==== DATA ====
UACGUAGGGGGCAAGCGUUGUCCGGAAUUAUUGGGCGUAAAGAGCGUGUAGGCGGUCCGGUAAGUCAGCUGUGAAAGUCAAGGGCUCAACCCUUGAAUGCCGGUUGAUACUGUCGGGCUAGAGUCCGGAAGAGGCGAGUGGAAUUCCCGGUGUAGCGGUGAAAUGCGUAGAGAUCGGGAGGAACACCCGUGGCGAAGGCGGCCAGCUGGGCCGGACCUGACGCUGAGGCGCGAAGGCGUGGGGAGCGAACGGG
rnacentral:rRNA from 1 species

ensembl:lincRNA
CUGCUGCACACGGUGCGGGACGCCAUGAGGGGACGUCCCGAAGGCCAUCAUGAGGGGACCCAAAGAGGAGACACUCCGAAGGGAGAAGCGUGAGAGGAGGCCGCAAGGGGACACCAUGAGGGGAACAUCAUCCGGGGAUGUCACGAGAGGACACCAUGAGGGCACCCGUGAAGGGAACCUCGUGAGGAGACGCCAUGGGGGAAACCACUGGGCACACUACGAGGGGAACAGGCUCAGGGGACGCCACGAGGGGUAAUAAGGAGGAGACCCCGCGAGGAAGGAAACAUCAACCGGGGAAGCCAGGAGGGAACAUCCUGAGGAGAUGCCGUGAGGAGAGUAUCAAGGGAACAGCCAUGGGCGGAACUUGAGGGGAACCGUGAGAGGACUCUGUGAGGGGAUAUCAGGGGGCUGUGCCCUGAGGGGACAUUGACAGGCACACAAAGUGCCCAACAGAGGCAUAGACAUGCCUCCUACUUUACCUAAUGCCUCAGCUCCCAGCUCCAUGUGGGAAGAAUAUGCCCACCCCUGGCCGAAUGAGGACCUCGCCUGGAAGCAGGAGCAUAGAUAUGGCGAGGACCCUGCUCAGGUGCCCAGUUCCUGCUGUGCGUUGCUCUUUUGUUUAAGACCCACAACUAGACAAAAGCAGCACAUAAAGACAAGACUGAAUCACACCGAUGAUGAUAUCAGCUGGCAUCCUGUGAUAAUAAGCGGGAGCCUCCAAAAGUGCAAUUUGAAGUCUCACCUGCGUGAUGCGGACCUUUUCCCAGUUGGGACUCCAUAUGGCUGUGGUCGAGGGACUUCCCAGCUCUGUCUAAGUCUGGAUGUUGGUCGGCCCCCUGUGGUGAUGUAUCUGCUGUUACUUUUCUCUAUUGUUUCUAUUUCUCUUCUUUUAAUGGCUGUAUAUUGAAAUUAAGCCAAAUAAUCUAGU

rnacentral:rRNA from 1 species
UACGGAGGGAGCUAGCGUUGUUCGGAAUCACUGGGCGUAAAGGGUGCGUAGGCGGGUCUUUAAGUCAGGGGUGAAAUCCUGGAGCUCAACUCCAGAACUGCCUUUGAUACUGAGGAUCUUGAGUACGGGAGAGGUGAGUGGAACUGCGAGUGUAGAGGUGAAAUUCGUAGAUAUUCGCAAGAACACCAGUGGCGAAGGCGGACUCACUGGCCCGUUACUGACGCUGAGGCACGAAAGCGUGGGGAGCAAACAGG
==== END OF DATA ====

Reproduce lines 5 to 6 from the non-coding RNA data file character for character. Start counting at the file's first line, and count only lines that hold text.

rnacentral:rRNA from 1 species
UACGGAGGGAGCUAGCGUUGUUCGGAAUCACUGGGCGUAAAGGGUGCGUAGGCGGGUCUUUAAGUCAGGGGUGAAAUCCUGGAGCUCAACUCCAGAACUGCCUUUGAUACUGAGGAUCUUGAGUACGGGAGAGGUGAGUGGAACUGCGAGUGUAGAGGUGAAAUUCGUAGAUAUUCGCAAGAACACCAGUGGCGAAGGCGGACUCACUGGCCCGUUACUGACGCUGAGGCACGAAAGCGUGGGGAGCAAACAGG